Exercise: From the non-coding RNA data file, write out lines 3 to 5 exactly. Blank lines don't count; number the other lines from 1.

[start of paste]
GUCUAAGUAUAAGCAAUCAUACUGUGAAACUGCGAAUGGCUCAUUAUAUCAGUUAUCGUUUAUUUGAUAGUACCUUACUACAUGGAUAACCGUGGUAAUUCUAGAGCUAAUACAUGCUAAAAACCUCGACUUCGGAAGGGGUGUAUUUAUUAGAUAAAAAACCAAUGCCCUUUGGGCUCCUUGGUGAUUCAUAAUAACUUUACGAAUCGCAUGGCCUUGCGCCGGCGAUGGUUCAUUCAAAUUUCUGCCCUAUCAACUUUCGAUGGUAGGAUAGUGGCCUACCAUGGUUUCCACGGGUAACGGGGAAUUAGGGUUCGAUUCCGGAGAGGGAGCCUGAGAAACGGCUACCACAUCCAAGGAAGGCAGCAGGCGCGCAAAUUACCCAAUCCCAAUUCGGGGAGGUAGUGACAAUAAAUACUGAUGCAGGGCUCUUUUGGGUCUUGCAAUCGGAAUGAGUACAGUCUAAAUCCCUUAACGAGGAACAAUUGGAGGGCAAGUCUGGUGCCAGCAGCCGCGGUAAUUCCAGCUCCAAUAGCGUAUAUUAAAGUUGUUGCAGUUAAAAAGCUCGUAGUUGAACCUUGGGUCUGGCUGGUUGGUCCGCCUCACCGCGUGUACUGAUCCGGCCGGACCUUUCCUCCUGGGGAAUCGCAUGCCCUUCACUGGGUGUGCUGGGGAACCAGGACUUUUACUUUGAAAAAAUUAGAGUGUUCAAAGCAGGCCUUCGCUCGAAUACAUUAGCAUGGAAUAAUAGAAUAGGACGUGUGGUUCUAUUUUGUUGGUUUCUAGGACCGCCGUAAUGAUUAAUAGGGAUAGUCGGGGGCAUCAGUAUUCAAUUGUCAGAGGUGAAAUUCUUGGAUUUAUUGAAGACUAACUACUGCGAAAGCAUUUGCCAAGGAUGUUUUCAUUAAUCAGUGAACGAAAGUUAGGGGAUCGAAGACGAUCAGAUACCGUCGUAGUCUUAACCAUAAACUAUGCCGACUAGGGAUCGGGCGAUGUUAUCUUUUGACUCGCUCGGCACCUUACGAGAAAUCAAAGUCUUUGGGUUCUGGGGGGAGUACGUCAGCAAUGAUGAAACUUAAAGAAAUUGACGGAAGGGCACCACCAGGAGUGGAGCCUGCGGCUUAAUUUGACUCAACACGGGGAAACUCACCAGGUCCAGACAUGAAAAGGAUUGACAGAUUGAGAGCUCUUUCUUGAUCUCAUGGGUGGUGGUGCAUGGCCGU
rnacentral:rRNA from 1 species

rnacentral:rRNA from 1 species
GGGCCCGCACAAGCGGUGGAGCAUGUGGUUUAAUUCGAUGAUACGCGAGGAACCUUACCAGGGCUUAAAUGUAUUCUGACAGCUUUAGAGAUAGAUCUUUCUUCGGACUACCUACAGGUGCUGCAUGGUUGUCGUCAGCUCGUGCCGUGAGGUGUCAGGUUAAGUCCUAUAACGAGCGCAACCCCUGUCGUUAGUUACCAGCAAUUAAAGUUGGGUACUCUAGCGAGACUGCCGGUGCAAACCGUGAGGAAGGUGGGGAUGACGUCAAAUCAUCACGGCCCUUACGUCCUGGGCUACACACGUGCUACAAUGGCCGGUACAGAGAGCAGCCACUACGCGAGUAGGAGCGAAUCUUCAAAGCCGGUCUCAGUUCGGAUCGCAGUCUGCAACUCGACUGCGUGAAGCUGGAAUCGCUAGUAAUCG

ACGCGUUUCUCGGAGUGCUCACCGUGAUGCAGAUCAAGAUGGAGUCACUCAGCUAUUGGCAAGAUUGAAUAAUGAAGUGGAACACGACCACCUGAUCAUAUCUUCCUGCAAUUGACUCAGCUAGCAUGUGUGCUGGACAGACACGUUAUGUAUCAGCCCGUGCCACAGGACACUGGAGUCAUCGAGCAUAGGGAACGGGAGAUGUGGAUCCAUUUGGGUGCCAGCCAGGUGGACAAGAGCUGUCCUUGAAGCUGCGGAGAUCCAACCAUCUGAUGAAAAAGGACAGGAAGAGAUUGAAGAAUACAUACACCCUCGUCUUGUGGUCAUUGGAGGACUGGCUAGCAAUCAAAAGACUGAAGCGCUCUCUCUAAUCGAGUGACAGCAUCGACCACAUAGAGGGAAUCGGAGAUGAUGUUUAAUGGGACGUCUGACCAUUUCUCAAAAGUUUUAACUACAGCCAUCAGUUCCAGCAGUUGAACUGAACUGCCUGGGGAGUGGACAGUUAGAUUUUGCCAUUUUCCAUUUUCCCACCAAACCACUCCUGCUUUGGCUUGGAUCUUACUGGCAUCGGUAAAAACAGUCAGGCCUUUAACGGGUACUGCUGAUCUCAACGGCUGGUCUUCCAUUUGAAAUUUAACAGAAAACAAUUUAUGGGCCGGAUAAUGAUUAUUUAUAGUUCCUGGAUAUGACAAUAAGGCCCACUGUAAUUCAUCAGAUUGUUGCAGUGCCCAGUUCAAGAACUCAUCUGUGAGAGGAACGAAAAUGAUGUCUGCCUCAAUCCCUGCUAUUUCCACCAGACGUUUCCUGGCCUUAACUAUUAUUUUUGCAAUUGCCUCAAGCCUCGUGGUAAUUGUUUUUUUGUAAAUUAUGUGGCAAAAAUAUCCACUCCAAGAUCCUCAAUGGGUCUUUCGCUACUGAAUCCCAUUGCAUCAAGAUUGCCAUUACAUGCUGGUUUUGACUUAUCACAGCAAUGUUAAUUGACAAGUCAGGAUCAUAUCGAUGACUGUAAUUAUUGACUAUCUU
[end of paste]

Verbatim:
rnacentral:rRNA from 1 species
GGGCCCGCACAAGCGGUGGAGCAUGUGGUUUAAUUCGAUGAUACGCGAGGAACCUUACCAGGGCUUAAAUGUAUUCUGACAGCUUUAGAGAUAGAUCUUUCUUCGGACUACCUACAGGUGCUGCAUGGUUGUCGUCAGCUCGUGCCGUGAGGUGUCAGGUUAAGUCCUAUAACGAGCGCAACCCCUGUCGUUAGUUACCAGCAAUUAAAGUUGGGUACUCUAGCGAGACUGCCGGUGCAAACCGUGAGGAAGGUGGGGAUGACGUCAAAUCAUCACGGCCCUUACGUCCUGGGCUACACACGUGCUACAAUGGCCGGUACAGAGAGCAGCCACUACGCGAGUAGGAGCGAAUCUUCAAAGCCGGUCUCAGUUCGGAUCGCAGUCUGCAACUCGACUGCGUGAAGCUGGAAUCGCUAGUAAUCG

ACGCGUUUCUCGGAGUGCUCACCGUGAUGCAGAUCAAGAUGGAGUCACUCAGCUAUUGGCAAGAUUGAAUAAUGAAGUGGAACACGACCACCUGAUCAUAUCUUCCUGCAAUUGACUCAGCUAGCAUGUGUGCUGGACAGACACGUUAUGUAUCAGCCCGUGCCACAGGACACUGGAGUCAUCGAGCAUAGGGAACGGGAGAUGUGGAUCCAUUUGGGUGCCAGCCAGGUGGACAAGAGCUGUCCUUGAAGCUGCGGAGAUCCAACCAUCUGAUGAAAAAGGACAGGAAGAGAUUGAAGAAUACAUACACCCUCGUCUUGUGGUCAUUGGAGGACUGGCUAGCAAUCAAAAGACUGAAGCGCUCUCUCUAAUCGAGUGACAGCAUCGACCACAUAGAGGGAAUCGGAGAUGAUGUUUAAUGGGACGUCUGACCAUUUCUCAAAAGUUUUAACUACAGCCAUCAGUUCCAGCAGUUGAACUGAACUGCCUGGGGAGUGGACAGUUAGAUUUUGCCAUUUUCCAUUUUCCCACCAAACCACUCCUGCUUUGGCUUGGAUCUUACUGGCAUCGGUAAAAACAGUCAGGCCUUUAACGGGUACUGCUGAUCUCAACGGCUGGUCUUCCAUUUGAAAUUUAACAGAAAACAAUUUAUGGGCCGGAUAAUGAUUAUUUAUAGUUCCUGGAUAUGACAAUAAGGCCCACUGUAAUUCAUCAGAUUGUUGCAGUGCCCAGUUCAAGAACUCAUCUGUGAGAGGAACGAAAAUGAUGUCUGCCUCAAUCCCUGCUAUUUCCACCAGACGUUUCCUGGCCUUAACUAUUAUUUUUGCAAUUGCCUCAAGCCUCGUGGUAAUUGUUUUUUUGUAAAUUAUGUGGCAAAAAUAUCCACUCCAAGAUCCUCAAUGGGUCUUUCGCUACUGAAUCCCAUUGCAUCAAGAUUGCCAUUACAUGCUGGUUUUGACUUAUCACAGCAAUGUUAAUUGACAAGUCAGGAUCAUAUCGAUGACUGUAAUUAUUGACUAUCUU